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Paradise Inside the Walls
By Joe Bouchard
Published: 03/14/2016

Birds sunrise
The following is an installment in "The Bouchard 101", a series featuring "Ice Breaker's" designed to promote training awareness and capabilities in the corrections industry.

Some classroom exercises which are very instructive can sometimes come out of left field. A strange concept that does not appear to have anything to do with corrections or criminal justice often takes the participants off guard. When you can bring the idea back to our vocation, it makes the lesson even more potent.

In “Paradise Inside the Walls,” participants will learn about contraband control and the inside economy. All that is needed are a few pair of dice (pun intended) and some gift wrapping.

The facilitator can place a pair of dice in a small box or a gift bag. If you want to go for a dramatic effect, you can gift wrap the dice in an elaborate manner. Whichever manner you employ, here is how to start:

“I will need two volunteers from the audience. Any two will do. The first two people who come to the front of the classroom will be given a gift each. That gift is valued at over one hundred dollars. These presents are contained in these beautifully wrapped gift boxes. There is no catch. All that you need to do is come up here and claim your reward. Are there any volunteers?”

To heighten the suspense, the facilitator may ask the audience to guess what may be inside the boxes.

When the gifts are unwrapped, the volunteers may feel disappointed at finding dice as a gift. If the volunteers do not display a good sense of humor when they receive the dice, you may offer them something else from a dubious box of prizes.

They may keep the dice if your budget and conscience permits. However, it is best to inform them that they should not take the dice inside the facility, as they may be contraband.

Now it is time to divulge the lesson.

“Why did I call this a gift valued at over $100.00? This was inspired by a colleague who informed me that a he found some contraband dice in an offender’s property. The offender claimed that he can, on a good day, take half of the table’s winnings and earn up to $250.00. The offender placed a value of $100.00 on each pair of dice.”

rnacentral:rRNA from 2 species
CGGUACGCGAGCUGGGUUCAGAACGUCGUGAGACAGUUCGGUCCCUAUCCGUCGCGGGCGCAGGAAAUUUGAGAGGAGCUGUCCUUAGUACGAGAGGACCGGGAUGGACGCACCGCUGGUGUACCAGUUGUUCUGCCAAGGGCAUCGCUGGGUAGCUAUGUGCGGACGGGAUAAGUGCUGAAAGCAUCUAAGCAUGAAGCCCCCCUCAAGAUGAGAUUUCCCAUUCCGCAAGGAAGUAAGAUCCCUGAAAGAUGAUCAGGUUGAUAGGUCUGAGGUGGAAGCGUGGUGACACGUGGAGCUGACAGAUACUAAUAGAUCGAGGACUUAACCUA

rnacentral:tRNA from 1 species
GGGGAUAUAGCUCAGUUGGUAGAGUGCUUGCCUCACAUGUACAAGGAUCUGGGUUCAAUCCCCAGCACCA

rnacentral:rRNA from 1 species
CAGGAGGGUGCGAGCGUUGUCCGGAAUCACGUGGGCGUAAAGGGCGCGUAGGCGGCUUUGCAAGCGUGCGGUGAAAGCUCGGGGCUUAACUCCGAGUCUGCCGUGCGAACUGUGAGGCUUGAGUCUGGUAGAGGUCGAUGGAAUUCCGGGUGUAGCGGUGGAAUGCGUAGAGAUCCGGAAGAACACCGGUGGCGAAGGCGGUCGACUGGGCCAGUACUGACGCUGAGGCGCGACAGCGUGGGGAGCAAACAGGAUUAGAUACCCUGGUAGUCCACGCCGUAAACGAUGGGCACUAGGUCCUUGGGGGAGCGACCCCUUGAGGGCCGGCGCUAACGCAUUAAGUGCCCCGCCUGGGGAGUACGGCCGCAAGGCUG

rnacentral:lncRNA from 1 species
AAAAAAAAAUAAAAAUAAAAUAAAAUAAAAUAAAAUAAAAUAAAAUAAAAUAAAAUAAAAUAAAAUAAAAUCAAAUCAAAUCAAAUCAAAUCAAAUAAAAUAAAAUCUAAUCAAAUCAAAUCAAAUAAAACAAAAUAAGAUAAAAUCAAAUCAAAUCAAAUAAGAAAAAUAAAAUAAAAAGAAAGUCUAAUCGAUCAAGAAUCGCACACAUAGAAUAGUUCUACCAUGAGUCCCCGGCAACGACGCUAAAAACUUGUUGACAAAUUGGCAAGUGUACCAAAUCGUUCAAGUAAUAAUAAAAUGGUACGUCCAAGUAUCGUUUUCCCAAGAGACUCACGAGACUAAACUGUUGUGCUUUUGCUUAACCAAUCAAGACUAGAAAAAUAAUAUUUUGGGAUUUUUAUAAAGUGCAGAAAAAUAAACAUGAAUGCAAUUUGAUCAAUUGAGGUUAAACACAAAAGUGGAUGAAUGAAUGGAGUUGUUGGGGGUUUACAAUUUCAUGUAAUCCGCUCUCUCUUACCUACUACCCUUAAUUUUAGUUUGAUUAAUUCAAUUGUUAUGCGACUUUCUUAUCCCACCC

You may ask the participants a few questions about this.
  • How much would a pair of dice cost at a discount retailer?
  • Do you think the dice are worth more or less than $100.00?
  • Is gambling a source of danger in your facility?
  • Can little items mean big trouble inside the walls?
Then participants are given a list of common small items that can be easily acquired in any facility. The list can be developed by the facilitator or taken from the following list of small items.
  • Staples
  • Rubber band
  • Apple
  • Tape
  • Pen
  • Plastic wrapped tableware
  • Salt
  • Stamps
  • Carbon paper
Then the class is divided into groups of four or five. They will spend 10 minutes ranking the potential dangers of each item and conceiving of the many different uses for each. Each group will also add other small items that are potentially valuable to contrabandists to the list. The group chooses a spokesperson to report.

Paradise for some offenders can be attained by establishing a gambling empire with a pair of dice. Paradise for staff is when contraband controls are in place and the facility becomes safer. This staff ideal is more possible when we start to think of the value and different uses of common items.

Joe Bouchard is a Librarian employed with the Michigan Department of Corrections and a collaborator with The International Association of Correctional Training Personnel (IACTP). He is also the author of “IACTP’s Corrections Icebreakers: The Bouchard 101, 2014”. The installments in this series include his opinions. The agency for which he works is not in any way responsible for the content or accuracy of this material, and the views are those of the contributor and not necessarily those of the agency. While some material is influenced by other works, all of the icebreakers have been developed by Joe Bouchard.

Visit the Joe Bouchard page

Other articles by Bouchard:


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